by Dane Youssef
"Tired of brainless, star vehicle, rom-com candy-coated Hollywood crap? So am I! And here's why!"
The premise of "America's Sweethearts" sets us up for an inspired, lacerating, in-your-face send-up of Hollywood and silly rom-com star vehicles. Then it turns into one of them. Like a young mind full of bright ideas, originality and vision, it sells out and becomes the very type of evil it was speaking out against.
Although John Cusack isn't as great as he certainly used to be, you could always count on him to sign up for only the highest-caliber projects. But this shows strong signs of a dry spell. I'm guessing the flowing river of scripts sent to him is beginning to run dry.
Ever since Lloyd Dobbler in "Say Anything," Cusack has pretty much been type-casted into playing the same role: The smart, calculated, neurotic and love-sick guy who has just been dumped by the love of his life (Better Off Dead, Being John Malkovich, High Fidelity), and seems too smart and adult for his age). Cusack has always seemed so advanced for his age, but now he seems to have grown into his age and now, he's just another routine pedestrian actor.
Now I enjoy Crystal in his movies (although his steady-fire Jewish borscht-belt shtick is wearing thin). And here he does his usual bit here as a fluent veteran c**k-and-bull, scam artist, fast-talking PR agent. This is the role Crystal was born to play. And he's been playing it since he was born.
But the movie (which was co-written and co-produced by Crystal) has to make Crystal into a sweetheart. Billy Crystal has always been more of a Borscht-Belt comedian than an actor, which is why he always plays himself in any movie he does, and here he does his usual Oscar-night banter as the PR Lee Phillips who flashes a showbiz smile and orchestrates at lot of routine Hollywood BS and cover-ups.
Catherine Zeta-Jones does a good job doing a stereotype caricature of a rich, spoiled, over-rated, over-egotistical mega-movie-star [profanity removed] who's obviously supposed to remind us of Julia Roberts. Reportedly, the Gwen Harrison role was offered to Julia Roberts, but she turned it down out of fear that people would think that was the real Julia Roberts. Hmmmmm.....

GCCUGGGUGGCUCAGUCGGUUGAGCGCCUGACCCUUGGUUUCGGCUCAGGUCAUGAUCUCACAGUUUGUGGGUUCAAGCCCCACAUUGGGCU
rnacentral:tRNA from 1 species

Yes, you have to admit--people are very gullible and easily leaden. They need to believe that this unnaturally perfect life exists. Otherwise, what would their escape from the dreary and depressing, soul-and-bone crushing society be? If anyone ever believe Roberts to be a over-egotistical-pumped-up monster like Gwen in this movie.... her fan-base would dry-up and so would her career.
With all the flavor-of-the-month celebrities out there, Roberts is one of the few, precious to have any real staying power. Don't rock the boat, Jules. The only actress I could imagine could pull the villainous heartless [profanity removed] movie-starlet off as good as Roberts would be Amanda Peet, who's sort of become a staple of weird, bizarre, off-kilter romantic comedies ("The Whole Nine Yards," "Saving Silverman" and "Whipped"). Maybe she would have been better than Zeta-Jones. Perhaps it would have been best to not sign Roberts up, as she seems unbelievable as a wall-flower-turned-blossomed rose.
But there is an entire mainstream religion of mindless moronic lemmings who would leap off a cliff onto jagged rocks down below if anyone like Roberts had a life that was anything but wine and roses... and red-carpet Oscar-night bliss. Christopher Walken can always, always take a nothing movie... and suddenly make it all seem worth-while. And he actually manages to nearly resurrect this thing back from the dead as the Oscar-winning borderline psychotic-director Hal Weidmann (who seems to echo Kubrick).
Seth Green, usually a fiery actor, like everyone else, is dampened here. I remember thinking how much better this damn movie would be if lived up to all to the foreplay. The flick opens brilliantly. We're promised a satirical anti-dote to the brainless, bland, formulaic b---h that Hollywood is dispensing. And they give us more of it. Practically, a love letter to it. We get screwed. We feel more cheated than Eddie. We're expecting some clever, well-written, merciless biting satire against Hollywood, mindless rom-coms with big-name stars in them, the film critics and journalists, and the fans who watch this garbage... And what do we get? Not an assault on the idiocy, but more of the idiocy itself. A golf ball hitting someone in the head, someone jamming a phone into a chair, a dog sniffing at someone's crotch, a guy falling onto a cactus crotch-first, fat people, etc.
Cheap sit-com crap you can see on the ABC Wedensday night family line-up or on any other sitcom on regular network television anytime. I kept asking myself: How could such talented people with such an inspired, brilliant premise be so bad... and boring? I went to"box office & business" on IMDb and got my answer: The film's budget was an estimated $48,000,000. It grossed a whopping $93,607,673, and that's just in the US. Is it just me, or is everyone is this cast wearing a leather jacket? Actually, Zeta-Jones wears leather pants in one scene and so does Billy. Was there some kind of dress code on the set? How many cows were slain for this? How much time, talent and resource was wasted?
SPECIAL NOTE: This death-threat of a review has more interesting writing than anything that occurred in "America's Sweethearts."
--Hating Stupid Scripted Hollywood On-Screen Romances, Dane Youssef